- Scandinavian Mythology. the god of thunder, rain, and farming, represented as riding a chariot drawn by goats and wielding the hammer Mjolnir: the defender of the Aesir, destined to kill and be killed by the Midgard Serpent.
- a medium-range U.S. Air Force ballistic missile developed in the early 1950s and powered by a single liquid-propellant rocket engine.
- a male given name.
Origin of Thor
Examples from the Web for thor
Contemporary Examples of thor
The move came one day after the comic book company introduced a female Thor.Fear of a Minority Superhero: Marvel's Obsession with White Guys Saving the World
August 7, 2014
Don Payne, whose work on The Simpsons started in Season 14, went on to write the scripts for both Thor and Thor: The Dark World.A 200-Hour ‘Simpsons’ Marathon? That’s Unpossible!
July 24, 2014
And instead of choosing to drop the Thor bombshell at the upcoming San Diego Comic Con, Marvel revealed the change on The View.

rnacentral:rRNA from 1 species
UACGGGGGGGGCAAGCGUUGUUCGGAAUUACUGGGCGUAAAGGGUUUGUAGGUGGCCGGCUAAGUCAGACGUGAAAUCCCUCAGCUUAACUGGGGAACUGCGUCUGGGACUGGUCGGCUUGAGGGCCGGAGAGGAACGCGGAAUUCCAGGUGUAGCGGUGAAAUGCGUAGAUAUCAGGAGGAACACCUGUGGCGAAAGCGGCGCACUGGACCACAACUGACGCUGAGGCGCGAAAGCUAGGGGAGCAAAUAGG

And when Thor Odinson is deemed unworthy, his hammer (and the Thor title, it seems) will pass on to an unnamed woman.
At 8:38 a.m. ET this morning, Thor—excuse me, Chris Hemsworth—stepped to the podium to announce the 2014 Oscar nominations.13 Oscar Nomination Shockers: Oprah, Tom Hanks, ‘Inside Llewyn Davis,’ and More
January 16, 2014
Historical Examples of thor
The God of Fire explained everything, for Thor would not speak.
Now, do you see that Thor's day comes when Woden's day goes?
It may be she did not know of the lost hammer or she would have saved Thor his long journey.
Thor caught two whales and carried them to the giant's house, as he had promised.
Baldur, the youngest brother of Thor, was called The Beautiful.
- Norse myth the god of thunder, depicted as wielding a hammer, emblematic of the thunderbolt
Word Origin for Thor
Odin's eldest son, strongest of the gods though not the wisest, c.1020, from Old Norse Þorr, literally "thunder," from *þunroz, related to Old English þunor (see thunder).
The god of thunder in Norse mythology. He wielded a hammer.